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Posts Tagged ‘COTA’

Nothing says “Thanks for visiting Columbus” better than Smackies Original Pit BBQ on the corner of Broad and James. The airlines seldom serve food on flights and some good ole BBQ might just make your trip more pleasant.

If you happen to transfer en-route to Port Columbus at the intersection of Main and James you might have enough time to run into BP and grab a soda and a bag of sunflower seeds.

Transferring at Livingston and James will offer no amenities for your flight.

But don’t despair, because if you happen to transfer at Fifth Avenue and James you’ll be able to get in your “greens” with something close to a fresh picked salad of sorts.

I bring these images to your attention because I still find it outrageous that getting to Port Columbus via public transportation from anywhere in town requires a transfer on James Road.

COTA route 92 is the only dedicated route serving Port Columbus, and while it runs from just before six o’clock in the morning until just before ten o’clock in the evening, it is perhaps the last place a visitor would be inclined to venture if they were leaving the city.

COTA routes 1, 2, 6 and 10 connect from downtown to James Road, which gives one plenty of options to get to James Road, but once there one finds themselves in a virtual “no man’s land”. James Road has no “branding” as a gateway to Port Columbus. Additionally, the 92 runs at about 30 minute headways, so if a traveler were to misconnect, they’re stuck there for a period of time that makes waiting a bit uncomfortable.

COTA’s route 52 offers service from OSU to Port Columbus on certain dates in January, March, June, August, September, November and December – likely coinciding with the university’s noteworthy dates (move in, spring break, etc..) but this service isn’t really dependable for the general population.

Port Columbus just opened up the Green parking lot on the corner of Stelzer and 17th touting $4 per day parking. It might have been a better investment had Port Columbus partnered with COTA to create reasonable and convenient bus service in and out of the airport. Another parking lot only encourages automobile use and thus, more congestion.

Considering downtown Columbus is less than ten miles from Port Columbus (Experience Columbus calls it “10 minutes from downtown”), there should be a more convenient public transit option. The current options of transferring at James Road require at least one hour – and take the rider to an environment that will make them think twice before ever using COTA to get to and from Port Columbus.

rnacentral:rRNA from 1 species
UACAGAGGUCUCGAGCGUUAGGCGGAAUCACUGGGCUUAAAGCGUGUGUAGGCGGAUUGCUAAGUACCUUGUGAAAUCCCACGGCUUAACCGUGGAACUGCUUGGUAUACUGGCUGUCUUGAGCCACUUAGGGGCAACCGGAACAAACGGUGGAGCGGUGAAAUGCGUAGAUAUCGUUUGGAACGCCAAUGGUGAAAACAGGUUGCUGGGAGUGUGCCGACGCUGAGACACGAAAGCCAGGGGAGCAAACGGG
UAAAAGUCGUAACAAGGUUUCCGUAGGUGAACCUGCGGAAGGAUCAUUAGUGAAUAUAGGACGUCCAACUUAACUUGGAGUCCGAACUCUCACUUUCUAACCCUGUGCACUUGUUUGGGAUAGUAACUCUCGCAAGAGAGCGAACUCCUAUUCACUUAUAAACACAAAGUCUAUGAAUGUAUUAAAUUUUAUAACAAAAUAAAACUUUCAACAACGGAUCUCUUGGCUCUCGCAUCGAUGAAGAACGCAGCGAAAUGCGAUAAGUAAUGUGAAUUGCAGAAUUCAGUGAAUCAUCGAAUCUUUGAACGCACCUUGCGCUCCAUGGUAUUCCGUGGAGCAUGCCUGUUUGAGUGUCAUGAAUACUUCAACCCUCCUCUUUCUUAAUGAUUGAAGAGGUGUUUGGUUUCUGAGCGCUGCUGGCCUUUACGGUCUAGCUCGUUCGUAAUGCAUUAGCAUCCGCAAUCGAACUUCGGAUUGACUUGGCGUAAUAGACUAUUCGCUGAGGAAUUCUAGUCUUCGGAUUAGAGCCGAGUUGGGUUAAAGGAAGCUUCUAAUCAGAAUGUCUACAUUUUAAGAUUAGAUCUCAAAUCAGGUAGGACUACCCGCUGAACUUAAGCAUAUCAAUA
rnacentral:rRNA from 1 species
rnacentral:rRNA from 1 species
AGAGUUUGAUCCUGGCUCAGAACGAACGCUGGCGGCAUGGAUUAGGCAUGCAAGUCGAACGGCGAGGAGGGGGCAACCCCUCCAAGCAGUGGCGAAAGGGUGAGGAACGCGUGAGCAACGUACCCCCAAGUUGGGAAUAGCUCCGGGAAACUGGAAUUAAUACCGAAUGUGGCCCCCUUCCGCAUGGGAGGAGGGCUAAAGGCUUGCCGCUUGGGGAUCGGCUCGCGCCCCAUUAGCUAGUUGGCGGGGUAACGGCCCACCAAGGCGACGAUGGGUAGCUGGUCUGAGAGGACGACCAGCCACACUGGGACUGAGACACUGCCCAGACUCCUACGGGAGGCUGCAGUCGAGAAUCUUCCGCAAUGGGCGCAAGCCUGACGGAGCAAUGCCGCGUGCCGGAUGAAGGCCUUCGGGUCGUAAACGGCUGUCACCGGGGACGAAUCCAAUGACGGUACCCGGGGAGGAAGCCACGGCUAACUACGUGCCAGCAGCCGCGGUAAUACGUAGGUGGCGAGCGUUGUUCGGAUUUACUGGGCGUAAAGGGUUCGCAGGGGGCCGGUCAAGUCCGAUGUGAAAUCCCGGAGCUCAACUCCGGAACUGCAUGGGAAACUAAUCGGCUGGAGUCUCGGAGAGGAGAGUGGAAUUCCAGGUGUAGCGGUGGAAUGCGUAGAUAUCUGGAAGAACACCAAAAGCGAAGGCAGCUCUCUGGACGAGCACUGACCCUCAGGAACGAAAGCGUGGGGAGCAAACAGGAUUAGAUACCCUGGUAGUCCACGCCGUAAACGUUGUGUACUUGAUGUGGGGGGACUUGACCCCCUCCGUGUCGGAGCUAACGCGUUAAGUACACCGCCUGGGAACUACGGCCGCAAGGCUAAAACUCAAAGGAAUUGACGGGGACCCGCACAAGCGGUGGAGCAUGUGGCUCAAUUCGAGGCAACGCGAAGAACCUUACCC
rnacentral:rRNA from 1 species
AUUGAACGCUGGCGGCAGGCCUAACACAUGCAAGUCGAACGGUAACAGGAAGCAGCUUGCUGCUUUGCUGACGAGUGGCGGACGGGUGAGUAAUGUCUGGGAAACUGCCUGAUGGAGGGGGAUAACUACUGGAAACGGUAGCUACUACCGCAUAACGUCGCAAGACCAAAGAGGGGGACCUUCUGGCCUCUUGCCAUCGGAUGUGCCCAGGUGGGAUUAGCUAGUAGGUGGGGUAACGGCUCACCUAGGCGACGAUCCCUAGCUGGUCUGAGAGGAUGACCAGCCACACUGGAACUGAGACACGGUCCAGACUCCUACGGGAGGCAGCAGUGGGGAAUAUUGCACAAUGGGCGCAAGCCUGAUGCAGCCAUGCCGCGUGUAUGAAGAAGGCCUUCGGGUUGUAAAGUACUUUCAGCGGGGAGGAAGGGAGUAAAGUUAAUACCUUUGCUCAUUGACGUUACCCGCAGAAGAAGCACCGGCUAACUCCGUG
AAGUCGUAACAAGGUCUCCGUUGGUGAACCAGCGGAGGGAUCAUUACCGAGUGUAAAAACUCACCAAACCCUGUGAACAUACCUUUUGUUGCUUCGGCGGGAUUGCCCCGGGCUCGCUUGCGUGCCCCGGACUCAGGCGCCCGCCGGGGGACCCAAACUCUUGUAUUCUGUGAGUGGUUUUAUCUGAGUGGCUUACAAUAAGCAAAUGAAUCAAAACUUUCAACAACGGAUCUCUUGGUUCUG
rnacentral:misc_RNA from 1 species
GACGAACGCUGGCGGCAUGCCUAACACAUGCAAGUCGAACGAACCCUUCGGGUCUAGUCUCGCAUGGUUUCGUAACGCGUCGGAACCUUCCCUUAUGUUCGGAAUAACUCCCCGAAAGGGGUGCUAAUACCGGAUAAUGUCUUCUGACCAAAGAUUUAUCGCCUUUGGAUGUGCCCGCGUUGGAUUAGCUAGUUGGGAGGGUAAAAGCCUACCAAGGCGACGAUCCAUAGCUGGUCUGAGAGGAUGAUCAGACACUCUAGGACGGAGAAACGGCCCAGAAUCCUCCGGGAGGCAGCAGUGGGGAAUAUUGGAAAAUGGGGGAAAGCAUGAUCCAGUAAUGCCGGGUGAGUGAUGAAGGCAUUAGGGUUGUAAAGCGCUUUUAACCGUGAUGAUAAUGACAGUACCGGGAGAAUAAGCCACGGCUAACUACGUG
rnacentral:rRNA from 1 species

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COTA is once again expanding service beginning January 1st 2010.  New service extends weekend hours, adding two new line-ups on both Saturday and Sunday.

Currently the last downtown line-up is at 10pm.  The new service adds both and 11pm and 12am departures in all directions.  On Sunday as well, two new line-ups are added at 8pm and 9pm.  Previously the last Sunday departure was between 6pm and 7pm depending upon the route.

The downtown line-up is when all busses arrive, wait for transfers, then depart.  It is an effective method of ensuring that customers have access to connecting busses and helps COTA re-set any schedule fluctuations that have occurred.

Fares also increase beginning January 1st.  One-way single fare local will be $1.75 up from $1.50 and monthly passes increase to $55 up from $45.  The last fare increase took place in 2006 however a tax levy of 0.25% passed in 2006 offered COTA additional revenue to increase service.  However, the recession has led to reduced spending and thus reduced tax revenues for COTA.

The extended services on the weekend routes offer tremendous potential for Columbus residents and businesses.  Venues such as the Arena District and Short North are now accessible without the need for a taxi after 10p which is often about the time the fun gets started on a Saturday night.  Visitors to Nationwide Arena and Huntington Park can now travel via COTA following hockey and baseball games and concerts, which should help alleviate congestion.

Sunday’s service extension is a benefit to both retailers and employees, offering greater access to all parts of the city to more people.  Adding almost three additional hours of transit access on Sunday increases the employment opportunities for most Columbus residents.

For more information, please visit www.cota.com

From a personal standpoint, these service additions make it almost possible to eliminate the car for the sake of commuting to work.  There is only one instance now where I would have to use the car, whereas in the past, I had to calculate my schedule precisely and any delay would have meant the need for a taxi.  That potential led me to drive more often, just in case.  That worry is eliminated with the extended COTA service.

It may also mean that a 2010 COTA Challenge is about to begin.

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